Technology has revolutionized patient-to-provider communication in the U.S. From texting to video chat, providers can exchange pertinent information using a variety of different mobile tools and mediums.
However, providers looking for a cost-effective but efficient communication method should opt for text-based platforms over mobile apps. While mobile apps are popular, they’re more expensive and are experiencing low rates of adoption, and they’re less effective for healthcare providers than tried-and-true texting options. Here are a few reasons why texting is the right communication tool for healthcare providers.
Mobile Apps Are Expensive
Mobile apps are extremely expensive to produce and maintain, and adoption rates are extremely low. It’s estimated that app production—beginning with the initial design phase and ending with testing and implementation—can run anywhere from $25,000 to well over $1 million. And once an app is officially designed, it needs to go through a battery of tests to make sure individuals using a range of devices—e.g. iPhones and Androids—can all use the app properly. Then the app’s producer needs to factor in maintenance costs as well. Once an app is officially launched, it doesn’t function as a self-contained unit. It requires constant updates and patches to ensure that it runs smoothly, and the producer also needs to market the app effectively to make sure that users are even aware of its existence.
Setting up back-end servers to protect app data is also a costly venture as well. The goal of patient-to-provider communication is to create a tool that not only allows for easy and rapid communication, but it should also be simple to implement, and it needs to save costs for the parent healthcare organization, freeing up resources that can be better used for other efforts, such as patient educational strategies.
But when it comes to mobile apps, “People focus the time they spend on apps on the most important ones, hence about 80% of people use up to 3 apps most frequently.” It’s extremely difficult to convince individuals to download an application and use an app outside of their favorite three, and for patients that access services across different healthcare providers, they need to access different apps, which means different user names and passwords, multiple apps to monitor, and time spent learning the app. This is definitely not patient centric, and with the high cost of building an app, it’s clearly not the most cost-effective and efficient way to communicate with patients. In short, providers need a communication method that’s reliable, easy to build, and won’t break the bank.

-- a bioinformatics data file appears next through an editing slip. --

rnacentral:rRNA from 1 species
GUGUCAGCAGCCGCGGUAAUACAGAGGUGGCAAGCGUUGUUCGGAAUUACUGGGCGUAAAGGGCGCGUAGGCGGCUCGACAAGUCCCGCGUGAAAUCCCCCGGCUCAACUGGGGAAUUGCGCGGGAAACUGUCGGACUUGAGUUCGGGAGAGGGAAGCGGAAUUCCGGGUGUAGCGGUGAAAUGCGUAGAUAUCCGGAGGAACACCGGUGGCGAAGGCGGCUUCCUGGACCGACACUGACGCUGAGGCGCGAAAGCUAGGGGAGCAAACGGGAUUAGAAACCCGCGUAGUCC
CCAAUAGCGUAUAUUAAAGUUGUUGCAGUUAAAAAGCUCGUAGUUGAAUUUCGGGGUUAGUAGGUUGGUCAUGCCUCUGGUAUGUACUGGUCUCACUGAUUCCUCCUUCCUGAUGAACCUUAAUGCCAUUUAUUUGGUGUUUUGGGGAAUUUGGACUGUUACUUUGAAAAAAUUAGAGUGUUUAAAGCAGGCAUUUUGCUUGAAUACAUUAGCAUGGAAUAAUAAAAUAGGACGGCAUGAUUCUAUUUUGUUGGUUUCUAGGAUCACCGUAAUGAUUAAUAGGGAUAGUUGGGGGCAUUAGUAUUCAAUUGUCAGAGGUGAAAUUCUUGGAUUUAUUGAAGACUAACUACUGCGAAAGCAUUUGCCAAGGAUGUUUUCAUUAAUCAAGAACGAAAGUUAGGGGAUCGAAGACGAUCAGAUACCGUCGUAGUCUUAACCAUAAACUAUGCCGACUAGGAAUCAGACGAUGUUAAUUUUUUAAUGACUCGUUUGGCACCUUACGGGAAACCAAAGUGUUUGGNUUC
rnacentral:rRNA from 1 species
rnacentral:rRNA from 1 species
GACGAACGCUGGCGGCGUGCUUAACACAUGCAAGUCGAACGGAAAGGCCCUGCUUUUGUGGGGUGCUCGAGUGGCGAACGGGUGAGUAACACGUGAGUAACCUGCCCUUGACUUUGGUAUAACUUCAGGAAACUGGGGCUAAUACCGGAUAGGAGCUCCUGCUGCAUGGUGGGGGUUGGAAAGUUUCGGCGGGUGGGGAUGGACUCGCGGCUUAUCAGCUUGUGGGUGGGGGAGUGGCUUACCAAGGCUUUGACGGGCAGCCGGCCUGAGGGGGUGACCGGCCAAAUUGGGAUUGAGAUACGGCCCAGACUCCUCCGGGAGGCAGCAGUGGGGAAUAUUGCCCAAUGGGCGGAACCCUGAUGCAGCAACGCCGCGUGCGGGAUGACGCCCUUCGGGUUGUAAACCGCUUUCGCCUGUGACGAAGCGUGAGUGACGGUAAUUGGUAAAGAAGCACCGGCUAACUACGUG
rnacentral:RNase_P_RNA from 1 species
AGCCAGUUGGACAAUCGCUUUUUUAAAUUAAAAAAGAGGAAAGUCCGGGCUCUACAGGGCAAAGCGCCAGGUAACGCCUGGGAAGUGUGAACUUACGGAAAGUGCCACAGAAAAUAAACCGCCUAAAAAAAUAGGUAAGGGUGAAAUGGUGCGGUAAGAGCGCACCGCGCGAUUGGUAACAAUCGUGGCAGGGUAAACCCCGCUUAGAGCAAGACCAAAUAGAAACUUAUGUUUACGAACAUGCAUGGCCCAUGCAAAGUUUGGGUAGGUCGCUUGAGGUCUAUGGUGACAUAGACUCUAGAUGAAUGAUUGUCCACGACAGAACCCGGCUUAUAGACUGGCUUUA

Americans Enjoy Texting
Seventy-three percent of American adults send and receive texts on a regular basis. In fact, 31 percent of American adults prefer to be contacted via text over traditional phone calls, and 55 percent of those who sent 50 messages or more a day also prefer texting over voice calls. Young adult cell phone owners—aged 18 to 24—exchange roughly 110 texts each day, and of the 1.2 million individuals whom we interact with at CareWire, more than 30 percent are over 65 years of age. Text messaging crosses all age demographics. So, with all that in mind, healthcare providers should choose to tap into texting because it’s a communication resource that’s already well established and ubiquitous. With texting, a healthcare provider sends a message or data straight to a person’s phone—a user doesn’t need to have internet access or log into an application to read the information. As long as the patient has cell service, they can obtain the text nearly anywhere on the planet. And unlike applications—most of which are generally closed services—providers can send web links via text that can send patients to a HIPAA compliant environment where protected health information can be exchanged securely and safely. Also, it’s easy for patients to peruse information that might be related to a third but trusted party, like the CDC. (However, a provider can still communicate with a patient, even if they don’t have the ability to connect to the mobile web.)
Texting is Easy and Immediate
Texting is, of course, extremely easy to do. There is little to no learning curve. In fact, many individuals feel that using a mobile phone can represent freedom and ease-of-use. So, encouraging American patients of all ages to exchange texts with their providers isn’t a stretch. Additionally, 90 percent of Americans own a mobile phone, but only two-thirds of Americans own a smartphone; what this means is that nearly everyone in the nation can communicate by text, but not everyone can use or access a mobile app on their phones. It’s also extremely effective. For instance, SMS has an open rate of 98 percent, and 90 percent of messages are read within 3 minutes, according to Adobe’s Digital Marketing Blog, and responded to within 15 minutes.
Lastly, in order to use an app, a patient has to download it first, learn how to use it, and also ensure that the app receives regular backup and updates. But with texting, there’s nothing to learn—from preadolescents to the elderly, everyone texts, making it an extremely straightforward means of communication.
Texting is the Way to Go
mHealth technology can allow patients to exchange information—ranging from medical data to appointment reminders—with their healthcare providers with minimal effort. However, providers don’t need to invest in expensive apps in order to explore potential mHealth opportunities; all they need to do is to tap into existing texting platforms. With texting, a provider can communicate safely and efficiently with patients in no time. There isn’t a learning curve, and providers can quickly and cost effectively get a texting platform up and running. When it comes patient communication, there is only one option that providers should trust—texting.
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